The Israel business scene hit the ground running to start the new year with a full slate of news, including a visit by Prime Minister Netanyahu to India in the hopes of bolstering trade deals.
Elsewhere, the Israeli economy set a personal best, and the shekel continued to flex its muscle on the global stage, which now has Olim feeling the pain. Plus, data showed Israeli mortgage taking heated back up in December, the Ministry of Finance adds some more goodies to its Family Net Plan, and the diamond industry gets set to become Israel's first crypt keepers. All that and more, so read on and be enriched.
It was a record setting month for Israel’s economy as the ratio of debt-to-GDP fell below 60% for the first time ever. A key indicator of Israel's financial soundness, the ratio also plays a significant role in determining the country's credit rating. The positive data, along with the S&P credit rating agency's recent revision of Israel's rating forecast to "positive," now increases the likelihood of a credit upgrade for Israel in the coming year.
Despite the rosy news, some work remains to be done, as Israel continues to lag behind most developed countries on the World Economic Forum’s Inclusive Development Index. The annual assessment of the economic performance and health of over 100 countries measures 11 economic progress indicators beyond GDP, including employment, poverty rate, and public debt - just to name a few. Additionally, political unrest in the US is also popping up as a potential cause for concern when it comes to Israel’s overall financial stability.
Israel Real Estate
Although earlier in the month the Ministry of Finance revealed that home purchases in 2017 were their lowest in six years, last week the Bank of Israel reported that new mortgages taken in December 2017 of nearly 5.1 billion NIS, up from prior estimates of 4.5 billion. Historically, December is a strong month for mortgages, and the figures were in fact 8% higher when compared to December of 2016. That said, the total new mortgages taken of 53.4 billion NIS in 2017 represents a 9% decrease than in 2016.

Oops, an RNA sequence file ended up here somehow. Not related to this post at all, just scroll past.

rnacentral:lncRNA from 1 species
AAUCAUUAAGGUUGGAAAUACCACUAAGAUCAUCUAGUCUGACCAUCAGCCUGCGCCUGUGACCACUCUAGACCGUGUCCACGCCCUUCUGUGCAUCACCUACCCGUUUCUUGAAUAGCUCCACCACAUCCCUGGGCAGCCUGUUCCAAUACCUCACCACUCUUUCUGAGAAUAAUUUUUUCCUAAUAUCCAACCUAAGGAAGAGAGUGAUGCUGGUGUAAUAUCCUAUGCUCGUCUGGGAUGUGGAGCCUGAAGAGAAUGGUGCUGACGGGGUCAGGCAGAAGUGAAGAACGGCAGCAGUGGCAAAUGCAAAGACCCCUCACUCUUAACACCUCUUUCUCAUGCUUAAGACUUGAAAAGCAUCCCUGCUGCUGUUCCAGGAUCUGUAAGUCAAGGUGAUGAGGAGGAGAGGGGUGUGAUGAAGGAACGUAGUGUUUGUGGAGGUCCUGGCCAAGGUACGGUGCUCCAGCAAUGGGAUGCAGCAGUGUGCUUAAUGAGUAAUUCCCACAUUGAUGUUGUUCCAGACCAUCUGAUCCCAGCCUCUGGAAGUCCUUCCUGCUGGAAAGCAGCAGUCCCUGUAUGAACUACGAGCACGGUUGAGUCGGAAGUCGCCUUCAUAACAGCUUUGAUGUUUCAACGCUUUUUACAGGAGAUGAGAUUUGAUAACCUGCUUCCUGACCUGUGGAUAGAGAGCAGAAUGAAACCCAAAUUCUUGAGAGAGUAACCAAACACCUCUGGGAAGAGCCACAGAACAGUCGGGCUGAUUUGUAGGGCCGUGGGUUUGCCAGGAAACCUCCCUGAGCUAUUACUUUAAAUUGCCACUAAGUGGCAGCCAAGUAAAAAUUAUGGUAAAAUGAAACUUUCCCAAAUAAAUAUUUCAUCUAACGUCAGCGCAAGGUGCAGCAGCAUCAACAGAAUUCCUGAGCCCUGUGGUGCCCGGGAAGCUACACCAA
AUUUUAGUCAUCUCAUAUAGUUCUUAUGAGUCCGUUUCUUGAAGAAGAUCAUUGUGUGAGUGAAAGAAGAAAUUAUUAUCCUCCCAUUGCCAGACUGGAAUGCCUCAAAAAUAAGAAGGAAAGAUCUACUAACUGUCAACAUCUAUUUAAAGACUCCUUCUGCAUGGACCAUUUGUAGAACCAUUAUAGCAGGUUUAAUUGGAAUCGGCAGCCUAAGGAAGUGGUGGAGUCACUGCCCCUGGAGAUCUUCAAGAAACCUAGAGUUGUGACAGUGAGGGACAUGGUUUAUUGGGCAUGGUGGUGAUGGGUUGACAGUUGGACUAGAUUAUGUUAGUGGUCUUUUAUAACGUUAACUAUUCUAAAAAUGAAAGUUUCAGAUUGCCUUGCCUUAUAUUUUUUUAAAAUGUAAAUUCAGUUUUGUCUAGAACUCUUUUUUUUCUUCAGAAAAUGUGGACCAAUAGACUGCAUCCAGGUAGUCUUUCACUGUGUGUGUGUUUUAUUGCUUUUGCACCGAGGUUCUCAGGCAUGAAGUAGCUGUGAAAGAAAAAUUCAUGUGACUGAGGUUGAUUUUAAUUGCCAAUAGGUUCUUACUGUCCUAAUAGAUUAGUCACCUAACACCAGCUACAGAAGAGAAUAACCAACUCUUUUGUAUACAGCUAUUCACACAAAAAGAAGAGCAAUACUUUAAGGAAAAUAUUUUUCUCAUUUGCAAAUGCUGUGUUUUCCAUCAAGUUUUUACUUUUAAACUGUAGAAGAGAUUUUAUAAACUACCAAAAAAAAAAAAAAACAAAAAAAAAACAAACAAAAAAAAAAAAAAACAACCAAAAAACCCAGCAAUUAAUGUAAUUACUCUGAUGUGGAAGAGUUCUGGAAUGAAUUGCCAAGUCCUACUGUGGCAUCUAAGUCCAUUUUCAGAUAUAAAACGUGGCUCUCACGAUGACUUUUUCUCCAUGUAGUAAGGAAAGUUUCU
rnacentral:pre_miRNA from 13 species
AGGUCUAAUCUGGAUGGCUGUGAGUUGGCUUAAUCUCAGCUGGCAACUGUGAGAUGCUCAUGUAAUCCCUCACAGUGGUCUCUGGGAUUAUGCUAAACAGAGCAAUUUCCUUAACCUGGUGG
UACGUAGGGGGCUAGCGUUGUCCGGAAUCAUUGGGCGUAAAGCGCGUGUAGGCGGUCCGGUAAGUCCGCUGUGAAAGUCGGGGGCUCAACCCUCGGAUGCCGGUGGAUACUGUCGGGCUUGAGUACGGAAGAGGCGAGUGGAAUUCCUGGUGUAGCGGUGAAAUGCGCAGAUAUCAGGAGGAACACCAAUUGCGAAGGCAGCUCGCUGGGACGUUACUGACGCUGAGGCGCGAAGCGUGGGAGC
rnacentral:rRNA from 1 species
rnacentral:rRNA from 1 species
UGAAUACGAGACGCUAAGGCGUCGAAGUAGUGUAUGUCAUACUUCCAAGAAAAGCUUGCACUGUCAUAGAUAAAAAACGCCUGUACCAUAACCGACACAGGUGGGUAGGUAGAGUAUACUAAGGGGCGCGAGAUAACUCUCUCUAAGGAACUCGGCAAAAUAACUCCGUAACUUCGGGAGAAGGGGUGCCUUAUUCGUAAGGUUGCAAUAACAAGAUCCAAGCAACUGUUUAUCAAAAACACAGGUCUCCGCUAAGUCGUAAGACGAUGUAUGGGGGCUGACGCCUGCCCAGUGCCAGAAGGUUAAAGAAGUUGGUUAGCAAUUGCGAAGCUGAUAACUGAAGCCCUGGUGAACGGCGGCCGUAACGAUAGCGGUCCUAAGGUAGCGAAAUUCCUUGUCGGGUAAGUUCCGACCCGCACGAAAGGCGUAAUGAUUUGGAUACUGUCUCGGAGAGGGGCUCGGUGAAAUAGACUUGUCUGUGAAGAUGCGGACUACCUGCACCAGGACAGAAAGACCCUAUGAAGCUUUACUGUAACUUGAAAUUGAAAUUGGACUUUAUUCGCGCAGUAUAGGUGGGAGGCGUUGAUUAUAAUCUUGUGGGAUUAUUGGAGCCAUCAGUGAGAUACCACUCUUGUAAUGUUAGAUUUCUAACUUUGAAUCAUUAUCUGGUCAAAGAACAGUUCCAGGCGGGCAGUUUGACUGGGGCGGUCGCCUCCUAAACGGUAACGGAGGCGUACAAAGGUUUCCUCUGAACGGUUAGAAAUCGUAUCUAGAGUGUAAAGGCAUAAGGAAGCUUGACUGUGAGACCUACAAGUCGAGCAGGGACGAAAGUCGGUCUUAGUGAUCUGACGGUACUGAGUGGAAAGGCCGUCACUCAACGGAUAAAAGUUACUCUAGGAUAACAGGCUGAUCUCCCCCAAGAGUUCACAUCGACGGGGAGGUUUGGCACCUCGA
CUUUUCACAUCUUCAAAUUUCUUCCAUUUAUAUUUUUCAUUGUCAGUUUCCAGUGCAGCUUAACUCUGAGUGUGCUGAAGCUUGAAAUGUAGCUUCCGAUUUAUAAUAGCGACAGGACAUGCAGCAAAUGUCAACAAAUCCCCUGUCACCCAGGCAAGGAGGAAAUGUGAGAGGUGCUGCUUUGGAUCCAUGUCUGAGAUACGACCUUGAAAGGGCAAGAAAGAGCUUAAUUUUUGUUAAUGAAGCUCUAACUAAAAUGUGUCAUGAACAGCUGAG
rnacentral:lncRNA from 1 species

In other real estate news it’s been an up-and-down time lately for the Israeli housing market as the new housing prices index released by the Central Bureau of Statistics advisory committee revealed home price trends differing by location. While both the Jerusalem and Tel Aviv areas experienced declines in October through November, increases were made in the Haifa and central districts. Published for the first time (previously the Bureau’s reports referenced only changes in prices at a State level), going forward the index will refer to each district separately in the interests of gaining a more accurate monthly picture.
Too Much of a Good Thing?
After yet another week of gains against the US dollar, the shekel could certainly stand to soften up a bit. Its hyper-strength has resulted in a US dollar exchange rate now hoveringjust above a 7-year low. While this was already a significant problem for Israel’s big businesses, it's now kicking our olim while it’s down, as our Director of Business Development, Daniel Eisenberg, points out in his guest blog on the Times of Israel.
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Keep the Change
Looking to do a little duty-free shopping? Then head on over to your local pharmacy, toy, clothing, appliance stores, and more. In updating a previous story, Israel Minister of Finance, Moshe Kahlon, last week signed an order abolishing selected customs duties on even more products as part of his Family Net Program. Designed to lower prices and reduce the cost of living in Israel, the expanded list now including clothing, home electrical products and appliances such as refrigerators, freezers, stoves, and more; joining the previously abolished duties on perfumes, cosmetics, toys, and sports accessories.
So, if you’ve been looking to upgrade your wardrobe or home appliances don't delay, as the temporary order is currently slated to remain in effect only through December 2018.
And In Case You Missed It...
Israel’s All New Digital Gems
Cryptocurrencies are making their way to Israel as The Ramat Gan Diamond Exchange has informed the Knesset Finance Committee that it is set to issue a digital currency. The yet-to-be-named currency will be backed by 25% of the diamond purchases on the market, and its volatility will be based on a diamond market index.
In other cryptocurrency news, the Israel Ministry of Finance and the Bank of Israel are also exploring the possibility of creating an official Israeli state cryptocurrency, although concerns and challenges remain over taxing cryptocurrency, prohibiting money laundering and terror financing, and protecting investors. Should Israel choose to move forward with its own digital shekel it would join the ranks of Sweden, Japan, and China already who have begun testing the issuance of official state virtual currencies.